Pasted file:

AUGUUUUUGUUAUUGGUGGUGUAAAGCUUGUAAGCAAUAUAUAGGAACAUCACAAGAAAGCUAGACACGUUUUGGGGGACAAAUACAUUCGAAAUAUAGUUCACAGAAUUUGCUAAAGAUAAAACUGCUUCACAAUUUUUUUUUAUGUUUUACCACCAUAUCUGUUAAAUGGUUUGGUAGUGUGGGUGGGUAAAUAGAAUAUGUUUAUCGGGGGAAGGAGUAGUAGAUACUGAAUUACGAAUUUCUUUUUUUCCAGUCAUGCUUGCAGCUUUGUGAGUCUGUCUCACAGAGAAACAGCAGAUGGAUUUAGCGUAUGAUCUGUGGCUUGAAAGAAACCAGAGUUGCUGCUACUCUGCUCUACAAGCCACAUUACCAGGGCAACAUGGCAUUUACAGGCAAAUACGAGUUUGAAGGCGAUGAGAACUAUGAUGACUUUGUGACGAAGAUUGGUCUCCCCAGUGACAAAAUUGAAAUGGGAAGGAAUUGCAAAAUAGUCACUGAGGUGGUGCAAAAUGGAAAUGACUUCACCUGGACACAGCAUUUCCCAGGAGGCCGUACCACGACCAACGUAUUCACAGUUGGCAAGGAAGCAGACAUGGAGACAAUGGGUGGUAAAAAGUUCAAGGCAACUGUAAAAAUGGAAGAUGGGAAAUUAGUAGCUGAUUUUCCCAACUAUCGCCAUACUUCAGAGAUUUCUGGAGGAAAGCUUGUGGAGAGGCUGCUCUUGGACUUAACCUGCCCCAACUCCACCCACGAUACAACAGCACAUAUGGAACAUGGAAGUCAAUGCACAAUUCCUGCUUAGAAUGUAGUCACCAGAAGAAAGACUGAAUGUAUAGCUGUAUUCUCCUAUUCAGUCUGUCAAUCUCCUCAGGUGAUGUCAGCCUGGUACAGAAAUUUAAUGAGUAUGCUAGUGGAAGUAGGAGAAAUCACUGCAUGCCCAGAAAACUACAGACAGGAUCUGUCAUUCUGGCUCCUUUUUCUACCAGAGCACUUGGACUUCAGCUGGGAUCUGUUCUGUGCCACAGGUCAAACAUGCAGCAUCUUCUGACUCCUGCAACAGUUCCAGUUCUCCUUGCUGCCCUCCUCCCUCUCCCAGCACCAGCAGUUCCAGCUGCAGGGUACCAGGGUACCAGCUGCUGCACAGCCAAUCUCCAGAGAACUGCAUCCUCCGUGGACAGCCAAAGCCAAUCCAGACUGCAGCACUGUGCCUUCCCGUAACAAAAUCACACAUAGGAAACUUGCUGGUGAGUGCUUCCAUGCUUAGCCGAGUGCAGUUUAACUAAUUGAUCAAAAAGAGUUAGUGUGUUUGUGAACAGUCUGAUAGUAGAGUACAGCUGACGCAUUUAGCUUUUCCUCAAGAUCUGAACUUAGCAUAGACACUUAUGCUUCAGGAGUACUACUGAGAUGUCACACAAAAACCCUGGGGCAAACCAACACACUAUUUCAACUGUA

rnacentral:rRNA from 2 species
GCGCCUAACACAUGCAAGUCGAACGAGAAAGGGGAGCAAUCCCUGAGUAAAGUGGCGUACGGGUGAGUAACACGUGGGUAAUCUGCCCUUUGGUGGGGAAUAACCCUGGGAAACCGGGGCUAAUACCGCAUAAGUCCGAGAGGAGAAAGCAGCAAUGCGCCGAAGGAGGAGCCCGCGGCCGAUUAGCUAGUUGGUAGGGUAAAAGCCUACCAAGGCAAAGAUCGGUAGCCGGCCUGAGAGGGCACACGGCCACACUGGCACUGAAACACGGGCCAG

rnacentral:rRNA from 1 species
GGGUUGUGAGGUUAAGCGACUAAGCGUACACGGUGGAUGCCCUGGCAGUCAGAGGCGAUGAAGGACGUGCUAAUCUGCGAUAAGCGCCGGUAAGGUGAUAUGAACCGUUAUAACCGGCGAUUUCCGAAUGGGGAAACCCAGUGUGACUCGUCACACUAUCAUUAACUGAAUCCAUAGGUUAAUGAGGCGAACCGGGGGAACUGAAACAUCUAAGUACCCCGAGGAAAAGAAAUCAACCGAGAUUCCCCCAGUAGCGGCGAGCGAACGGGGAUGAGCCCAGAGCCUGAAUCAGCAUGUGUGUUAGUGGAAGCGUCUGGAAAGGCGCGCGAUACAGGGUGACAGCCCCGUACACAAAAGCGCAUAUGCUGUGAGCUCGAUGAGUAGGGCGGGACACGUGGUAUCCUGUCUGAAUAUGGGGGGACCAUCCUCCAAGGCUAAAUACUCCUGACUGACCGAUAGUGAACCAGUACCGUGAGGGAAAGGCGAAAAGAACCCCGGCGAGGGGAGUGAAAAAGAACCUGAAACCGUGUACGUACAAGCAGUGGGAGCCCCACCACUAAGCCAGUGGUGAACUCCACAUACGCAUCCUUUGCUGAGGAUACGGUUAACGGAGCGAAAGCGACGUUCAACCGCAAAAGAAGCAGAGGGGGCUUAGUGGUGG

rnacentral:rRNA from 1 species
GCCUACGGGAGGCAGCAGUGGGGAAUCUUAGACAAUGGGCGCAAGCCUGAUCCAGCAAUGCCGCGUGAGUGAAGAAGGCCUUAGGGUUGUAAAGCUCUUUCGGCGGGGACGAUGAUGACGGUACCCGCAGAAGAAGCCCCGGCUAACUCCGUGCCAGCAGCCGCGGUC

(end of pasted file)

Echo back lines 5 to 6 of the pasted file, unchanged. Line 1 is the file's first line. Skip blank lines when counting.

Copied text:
GGGUUGUGAGGUUAAGCGACUAAGCGUACACGGUGGAUGCCCUGGCAGUCAGAGGCGAUGAAGGACGUGCUAAUCUGCGAUAAGCGCCGGUAAGGUGAUAUGAACCGUUAUAACCGGCGAUUUCCGAAUGGGGAAACCCAGUGUGACUCGUCACACUAUCAUUAACUGAAUCCAUAGGUUAAUGAGGCGAACCGGGGGAACUGAAACAUCUAAGUACCCCGAGGAAAAGAAAUCAACCGAGAUUCCCCCAGUAGCGGCGAGCGAACGGGGAUGAGCCCAGAGCCUGAAUCAGCAUGUGUGUUAGUGGAAGCGUCUGGAAAGGCGCGCGAUACAGGGUGACAGCCCCGUACACAAAAGCGCAUAUGCUGUGAGCUCGAUGAGUAGGGCGGGACACGUGGUAUCCUGUCUGAAUAUGGGGGGACCAUCCUCCAAGGCUAAAUACUCCUGACUGACCGAUAGUGAACCAGUACCGUGAGGGAAAGGCGAAAAGAACCCCGGCGAGGGGAGUGAAAAAGAACCUGAAACCGUGUACGUACAAGCAGUGGGAGCCCCACCACUAAGCCAGUGGUGAACUCCACAUACGCAUCCUUUGCUGAGGAUACGGUUAACGGAGCGAAAGCGACGUUCAACCGCAAAAGAAGCAGAGGGGGCUUAGUGGUGG

rnacentral:rRNA from 1 species